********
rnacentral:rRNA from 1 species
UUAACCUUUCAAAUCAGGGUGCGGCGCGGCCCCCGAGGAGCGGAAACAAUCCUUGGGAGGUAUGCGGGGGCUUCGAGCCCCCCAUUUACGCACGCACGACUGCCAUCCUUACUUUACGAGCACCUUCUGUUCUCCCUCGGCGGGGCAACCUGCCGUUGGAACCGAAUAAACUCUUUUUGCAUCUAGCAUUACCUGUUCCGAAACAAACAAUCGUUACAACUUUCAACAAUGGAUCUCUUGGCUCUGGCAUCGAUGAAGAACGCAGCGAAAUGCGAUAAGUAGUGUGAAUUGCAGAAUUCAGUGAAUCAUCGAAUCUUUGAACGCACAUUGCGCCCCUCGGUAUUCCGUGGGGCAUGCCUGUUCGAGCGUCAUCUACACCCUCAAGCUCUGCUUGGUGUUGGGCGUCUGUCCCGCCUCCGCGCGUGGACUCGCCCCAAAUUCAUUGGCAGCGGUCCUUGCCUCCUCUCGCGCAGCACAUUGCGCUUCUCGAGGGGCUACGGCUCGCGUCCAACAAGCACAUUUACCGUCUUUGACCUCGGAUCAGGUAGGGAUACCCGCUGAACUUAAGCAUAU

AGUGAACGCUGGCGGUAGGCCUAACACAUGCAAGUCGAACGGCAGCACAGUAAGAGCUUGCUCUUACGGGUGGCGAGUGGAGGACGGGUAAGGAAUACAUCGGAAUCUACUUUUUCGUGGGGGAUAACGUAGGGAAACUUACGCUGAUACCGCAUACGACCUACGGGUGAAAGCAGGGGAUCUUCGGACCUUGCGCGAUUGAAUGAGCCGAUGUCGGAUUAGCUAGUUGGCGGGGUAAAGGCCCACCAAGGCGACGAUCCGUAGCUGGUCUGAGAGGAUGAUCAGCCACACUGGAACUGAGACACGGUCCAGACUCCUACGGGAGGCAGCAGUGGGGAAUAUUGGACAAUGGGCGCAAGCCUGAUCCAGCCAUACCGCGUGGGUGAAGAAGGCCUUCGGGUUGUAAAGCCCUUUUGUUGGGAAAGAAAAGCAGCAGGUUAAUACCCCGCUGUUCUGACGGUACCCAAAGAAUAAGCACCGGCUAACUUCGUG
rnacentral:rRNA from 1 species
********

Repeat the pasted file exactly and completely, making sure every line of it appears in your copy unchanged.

rnacentral:rRNA from 1 species
UUAACCUUUCAAAUCAGGGUGCGGCGCGGCCCCCGAGGAGCGGAAACAAUCCUUGGGAGGUAUGCGGGGGCUUCGAGCCCCCCAUUUACGCACGCACGACUGCCAUCCUUACUUUACGAGCACCUUCUGUUCUCCCUCGGCGGGGCAACCUGCCGUUGGAACCGAAUAAACUCUUUUUGCAUCUAGCAUUACCUGUUCCGAAACAAACAAUCGUUACAACUUUCAACAAUGGAUCUCUUGGCUCUGGCAUCGAUGAAGAACGCAGCGAAAUGCGAUAAGUAGUGUGAAUUGCAGAAUUCAGUGAAUCAUCGAAUCUUUGAACGCACAUUGCGCCCCUCGGUAUUCCGUGGGGCAUGCCUGUUCGAGCGUCAUCUACACCCUCAAGCUCUGCUUGGUGUUGGGCGUCUGUCCCGCCUCCGCGCGUGGACUCGCCCCAAAUUCAUUGGCAGCGGUCCUUGCCUCCUCUCGCGCAGCACAUUGCGCUUCUCGAGGGGCUACGGCUCGCGUCCAACAAGCACAUUUACCGUCUUUGACCUCGGAUCAGGUAGGGAUACCCGCUGAACUUAAGCAUAU

AGUGAACGCUGGCGGUAGGCCUAACACAUGCAAGUCGAACGGCAGCACAGUAAGAGCUUGCUCUUACGGGUGGCGAGUGGAGGACGGGUAAGGAAUACAUCGGAAUCUACUUUUUCGUGGGGGAUAACGUAGGGAAACUUACGCUGAUACCGCAUACGACCUACGGGUGAAAGCAGGGGAUCUUCGGACCUUGCGCGAUUGAAUGAGCCGAUGUCGGAUUAGCUAGUUGGCGGGGUAAAGGCCCACCAAGGCGACGAUCCGUAGCUGGUCUGAGAGGAUGAUCAGCCACACUGGAACUGAGACACGGUCCAGACUCCUACGGGAGGCAGCAGUGGGGAAUAUUGGACAAUGGGCGCAAGCCUGAUCCAGCCAUACCGCGUGGGUGAAGAAGGCCUUCGGGUUGUAAAGCCCUUUUGUUGGGAAAGAAAAGCAGCAGGUUAAUACCCCGCUGUUCUGACGGUACCCAAAGAAUAAGCACCGGCUAACUUCGUG
rnacentral:rRNA from 1 species